Back in 2016, Peter Navarro and Ross, then senior economic advisers to the Trump campaign, proposed that President Trump would eliminate the $500 billion United States trade deficit, generating enough tax revenue to largely offset the cost of the president’s tax plan. Navarro, now director of the White House National Trade Council, said that the administration’s trade plans would allow it to eliminate trade deficit “within a year or two.”

Despite the administration’s frequent promises to reduce the trade deficit, many economists believe that his trade policies will be largely powerless to reverse the trend, the Times said. That’s because the overall trade deficit is governed by macroeconomic factors, including the relative growth rates of countries, the value of their currencies, and their saving and investment rates. So, while changes in trade policy can shift imports and exports from one country to another, for example, reducing the American trade deficit with China while increasing its trade deficit with Thailand, they are unlikely to reduce the American trade deficit overall, the Times says.

In addition, the administration’s signature economic policy so far — the $1.5 trillion tax cut — is likely to widen the trade deficit in coming years by encouraging more investment in the United States, many economists say.

Bryan Riley, director of the Free Trade Initiative at the National Taxpayers Union, said that an increase in the trade deficit from the prior year “should not be viewed as a problem to be fixed, but as a predictable result of a growing economy that enables people to afford more imports.”

Eswar Prasad, a professor of trade policy at Cornell University, cautioned against Trump’s interpretation of the bilateral trade deficit as a scorecard for an economic relationship.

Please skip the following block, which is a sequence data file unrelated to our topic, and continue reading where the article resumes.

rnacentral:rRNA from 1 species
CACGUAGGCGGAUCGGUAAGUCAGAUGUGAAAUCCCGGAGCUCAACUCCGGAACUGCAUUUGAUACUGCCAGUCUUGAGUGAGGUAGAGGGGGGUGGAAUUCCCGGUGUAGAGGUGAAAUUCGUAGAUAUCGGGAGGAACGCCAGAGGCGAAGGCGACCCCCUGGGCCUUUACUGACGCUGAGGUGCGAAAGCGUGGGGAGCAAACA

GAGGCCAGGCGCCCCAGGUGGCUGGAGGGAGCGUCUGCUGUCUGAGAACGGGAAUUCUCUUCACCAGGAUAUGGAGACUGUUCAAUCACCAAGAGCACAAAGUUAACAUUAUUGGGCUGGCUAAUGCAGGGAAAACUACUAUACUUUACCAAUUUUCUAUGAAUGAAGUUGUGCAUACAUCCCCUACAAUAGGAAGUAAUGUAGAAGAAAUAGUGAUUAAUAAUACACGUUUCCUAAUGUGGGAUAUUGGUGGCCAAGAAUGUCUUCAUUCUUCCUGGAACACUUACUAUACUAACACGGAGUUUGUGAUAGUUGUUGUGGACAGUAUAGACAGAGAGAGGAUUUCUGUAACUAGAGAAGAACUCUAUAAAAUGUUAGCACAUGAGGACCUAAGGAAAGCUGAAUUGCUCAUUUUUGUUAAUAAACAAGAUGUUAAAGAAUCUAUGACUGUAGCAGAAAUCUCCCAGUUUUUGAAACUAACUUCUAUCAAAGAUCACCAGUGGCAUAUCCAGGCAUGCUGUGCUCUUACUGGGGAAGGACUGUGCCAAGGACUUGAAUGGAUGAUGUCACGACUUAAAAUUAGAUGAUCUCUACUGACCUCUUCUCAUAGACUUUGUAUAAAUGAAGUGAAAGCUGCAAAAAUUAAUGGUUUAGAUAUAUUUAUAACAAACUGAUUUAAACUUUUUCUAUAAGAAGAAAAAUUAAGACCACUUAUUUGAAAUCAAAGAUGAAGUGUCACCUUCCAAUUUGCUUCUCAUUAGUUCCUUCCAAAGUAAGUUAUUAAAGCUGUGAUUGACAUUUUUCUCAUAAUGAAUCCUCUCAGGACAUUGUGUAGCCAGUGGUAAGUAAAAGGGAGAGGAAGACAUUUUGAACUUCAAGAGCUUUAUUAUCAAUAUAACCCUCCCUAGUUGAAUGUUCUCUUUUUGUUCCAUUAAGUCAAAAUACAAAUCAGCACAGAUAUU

Prasad said that some persistent deficits, like the one that the United States runs with many countries including China, could be a sign of structural imbalances, like China’s historic tendency to undervalue its currency. But bilateral trade balances can increase for many reasons, both bad and good — for example, if wealthier American consumers want to buy more stuff — making it a problematic metric for measuring fair trade.

“The problem is that even if China were to provide greater access to its markets today, if the U.S. economy were to do well, and China were to slow its growth, the deficit might actually increase,” Prasad said. “It would certainly be problematic to view the size of that deficit as an indicator of whether trade is fair.”

So, the trade balance likely will continue to be both large and highly controversial—and possibly to increase risks for exporters who have developed substantial, valuable markets in foreign countries. How the current trade balance affects national policies remains to be seen, but producers already worried by administration threats against NAFTA should watch the current developments closely as the trade policy debate intensifies, Washington Insider believes.


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(GH/BAS)